American Airlines is finding that a scheme to encourage off-duty pilots to jump in a simulator to help with a Line Operational Evaluation is not going over with the union.
"They're in a crisis to get pilots through training. They're underwater trying to get as many pilots through as possible," said Dennis Tajer, spokesman for the Allied Pilots Association, which represents American pilots. "Management right now is making up rules as they go along."
The union has filed a lawsuit in the US District Court for the Northern District of Texas, claiming that asking line pilots to participate in other pilots' simulator sessions as a “seat filler” constitutes a change in work rules, which would require negotiation with the union.
The seat-filler or second pilot role in the sim is normally handled by check pilots. American says a check airman would still conduct the evaluation.
Volunteer line Captains and First Officers would be paid for LOE seat-filling but would forego days off to do so.
Lyle Hogg, Vice President of Flight Operations Training for AA, said, "As demand continues to grow and we continue to hire, we need to expand our pilot training capabilities to an historically unprecedented level."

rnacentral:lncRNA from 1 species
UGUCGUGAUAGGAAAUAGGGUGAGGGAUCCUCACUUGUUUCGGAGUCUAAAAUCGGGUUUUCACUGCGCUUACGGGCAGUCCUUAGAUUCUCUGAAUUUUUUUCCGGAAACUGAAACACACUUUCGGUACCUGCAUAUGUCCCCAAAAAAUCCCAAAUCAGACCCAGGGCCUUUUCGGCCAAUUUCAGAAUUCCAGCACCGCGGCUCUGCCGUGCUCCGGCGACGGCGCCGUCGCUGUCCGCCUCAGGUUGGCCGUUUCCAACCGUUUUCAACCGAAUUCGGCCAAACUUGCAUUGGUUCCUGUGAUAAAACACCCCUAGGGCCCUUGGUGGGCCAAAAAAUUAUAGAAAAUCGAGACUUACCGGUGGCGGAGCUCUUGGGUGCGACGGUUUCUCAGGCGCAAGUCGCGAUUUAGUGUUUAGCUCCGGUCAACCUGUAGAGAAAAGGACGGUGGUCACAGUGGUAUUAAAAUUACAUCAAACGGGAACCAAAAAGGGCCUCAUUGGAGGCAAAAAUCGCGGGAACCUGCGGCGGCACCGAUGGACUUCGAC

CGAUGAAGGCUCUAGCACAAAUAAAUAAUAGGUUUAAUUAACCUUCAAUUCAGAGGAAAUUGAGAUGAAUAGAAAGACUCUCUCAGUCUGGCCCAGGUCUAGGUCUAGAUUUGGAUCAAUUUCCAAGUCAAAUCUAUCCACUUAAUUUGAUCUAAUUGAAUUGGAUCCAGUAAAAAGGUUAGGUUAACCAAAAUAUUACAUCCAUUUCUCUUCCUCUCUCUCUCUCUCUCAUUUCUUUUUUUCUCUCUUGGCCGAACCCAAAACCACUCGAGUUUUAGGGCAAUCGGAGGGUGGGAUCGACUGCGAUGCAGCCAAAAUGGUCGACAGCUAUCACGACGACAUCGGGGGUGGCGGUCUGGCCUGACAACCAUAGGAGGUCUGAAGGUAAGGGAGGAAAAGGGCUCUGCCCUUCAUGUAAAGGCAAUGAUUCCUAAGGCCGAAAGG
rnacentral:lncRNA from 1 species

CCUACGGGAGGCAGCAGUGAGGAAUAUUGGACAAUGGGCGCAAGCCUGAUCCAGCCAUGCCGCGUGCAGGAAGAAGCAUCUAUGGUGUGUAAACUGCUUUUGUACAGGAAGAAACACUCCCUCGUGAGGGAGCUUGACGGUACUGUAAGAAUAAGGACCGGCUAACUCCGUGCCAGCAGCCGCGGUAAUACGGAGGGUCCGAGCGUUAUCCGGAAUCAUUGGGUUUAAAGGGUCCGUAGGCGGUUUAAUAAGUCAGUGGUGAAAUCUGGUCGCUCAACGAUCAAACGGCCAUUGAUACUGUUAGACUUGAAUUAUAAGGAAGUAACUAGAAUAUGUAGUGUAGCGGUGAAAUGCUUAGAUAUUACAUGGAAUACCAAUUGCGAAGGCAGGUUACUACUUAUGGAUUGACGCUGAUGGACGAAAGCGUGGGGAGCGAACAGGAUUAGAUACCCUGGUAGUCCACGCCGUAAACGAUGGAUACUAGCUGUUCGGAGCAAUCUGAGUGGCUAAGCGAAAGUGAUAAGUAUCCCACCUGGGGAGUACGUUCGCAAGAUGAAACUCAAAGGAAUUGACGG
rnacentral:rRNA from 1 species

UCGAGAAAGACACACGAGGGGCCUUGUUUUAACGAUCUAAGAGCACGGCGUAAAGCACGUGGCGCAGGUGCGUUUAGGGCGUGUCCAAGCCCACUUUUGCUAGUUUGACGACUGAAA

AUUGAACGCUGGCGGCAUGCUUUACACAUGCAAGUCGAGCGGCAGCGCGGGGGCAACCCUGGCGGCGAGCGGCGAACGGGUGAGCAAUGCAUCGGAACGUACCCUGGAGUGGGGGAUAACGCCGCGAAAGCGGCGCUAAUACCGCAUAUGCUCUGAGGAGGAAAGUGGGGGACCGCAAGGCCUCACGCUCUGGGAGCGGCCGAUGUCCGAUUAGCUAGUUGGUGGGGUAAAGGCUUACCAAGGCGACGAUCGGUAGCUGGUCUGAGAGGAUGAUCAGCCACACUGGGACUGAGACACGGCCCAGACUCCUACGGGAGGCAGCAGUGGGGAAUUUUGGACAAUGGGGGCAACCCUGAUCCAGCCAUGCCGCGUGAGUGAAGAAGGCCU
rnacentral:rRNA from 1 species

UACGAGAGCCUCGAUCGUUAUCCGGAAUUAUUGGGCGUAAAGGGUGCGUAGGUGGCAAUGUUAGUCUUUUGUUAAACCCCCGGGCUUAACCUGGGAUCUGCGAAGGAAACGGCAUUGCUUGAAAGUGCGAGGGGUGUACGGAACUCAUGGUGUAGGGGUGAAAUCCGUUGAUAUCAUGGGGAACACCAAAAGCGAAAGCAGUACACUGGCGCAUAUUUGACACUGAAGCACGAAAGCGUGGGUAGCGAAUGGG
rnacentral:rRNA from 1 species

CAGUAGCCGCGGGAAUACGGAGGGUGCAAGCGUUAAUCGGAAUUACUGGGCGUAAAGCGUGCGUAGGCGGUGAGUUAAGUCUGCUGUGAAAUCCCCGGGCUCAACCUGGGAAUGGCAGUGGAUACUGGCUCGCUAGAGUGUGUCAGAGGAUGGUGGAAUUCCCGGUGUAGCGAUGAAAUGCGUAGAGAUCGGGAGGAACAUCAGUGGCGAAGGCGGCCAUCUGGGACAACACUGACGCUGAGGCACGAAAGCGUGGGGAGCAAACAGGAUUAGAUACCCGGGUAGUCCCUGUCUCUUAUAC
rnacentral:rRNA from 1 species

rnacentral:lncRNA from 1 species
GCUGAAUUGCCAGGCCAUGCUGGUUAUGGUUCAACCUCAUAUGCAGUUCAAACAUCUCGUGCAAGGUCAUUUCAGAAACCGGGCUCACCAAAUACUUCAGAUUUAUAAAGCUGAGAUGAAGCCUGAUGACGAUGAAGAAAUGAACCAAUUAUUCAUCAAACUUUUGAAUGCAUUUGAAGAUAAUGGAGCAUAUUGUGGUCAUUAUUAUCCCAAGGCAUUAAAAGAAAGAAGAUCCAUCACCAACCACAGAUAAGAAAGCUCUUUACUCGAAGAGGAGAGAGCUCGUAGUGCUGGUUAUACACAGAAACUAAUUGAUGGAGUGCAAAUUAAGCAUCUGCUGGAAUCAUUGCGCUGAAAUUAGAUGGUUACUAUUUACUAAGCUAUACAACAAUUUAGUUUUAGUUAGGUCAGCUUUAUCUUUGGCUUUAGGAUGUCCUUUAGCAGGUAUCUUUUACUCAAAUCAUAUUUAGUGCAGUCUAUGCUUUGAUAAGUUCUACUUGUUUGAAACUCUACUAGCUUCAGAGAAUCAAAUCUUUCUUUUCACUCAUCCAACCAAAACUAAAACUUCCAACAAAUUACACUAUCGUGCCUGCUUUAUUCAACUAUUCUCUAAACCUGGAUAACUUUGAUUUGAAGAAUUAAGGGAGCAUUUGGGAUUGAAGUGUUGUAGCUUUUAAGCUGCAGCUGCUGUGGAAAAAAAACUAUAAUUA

But the union is not buying the non-negotiated change. APA President Capt. Eric Ferguson said, "This unilateral action by American Airlines management degrades the training experience and risks long-term damage to the airline's safety culture."
American is trying to hire 2,200 new pilots in 2022, or 180 per month.
United Airlines is reportedly using the voluntary seat-filler scheme as well.
Pilot shortages have also led United and American to resort to some nap-of-the-earth flying: using buses to transport passengers from larger airports to smaller cities, including some not previously on the route schedule. They have reportedly signed contracts with the Colorado “bus-as-flight” company Landline to transport passengers and their luggage on short routes. For example, Denver to Fort Collins, Colorado. Or Philadelphia to bus stops in New Jersey, beginning June 3rd.
With travel at nearly 90% of pre-pandemic numbers, the Southwest Airlines Pilot’s Association is concerned over fatigue. In an open letter to SWA executives, the union warned, “April is already setting fatigue records. Fatigue, both acute and cumulative, has become Southwest Airlines’ number-one safety threat.”
SAPA officials alleged poor scheduling, a staffing shortage and logistics: “Fatigue numbers have been climbing exponentially since last summer with no meaningful attempts by management to mitigate them.”
Southwest claims “a significant and steady decline” in pilots calling in fatigued after scheduling changes made in November and that a March increase was expected due to weather. “The increase is expected, as it’s common to experience an elevated level of fatigue calls during irregular operations and in March the industry faced weather and airspace delays that resulted in disruptions across the network. The March increase in pilot fatigue calls is a result of the system working as designed, allowing crew to determine if they are too fatigued to fly.”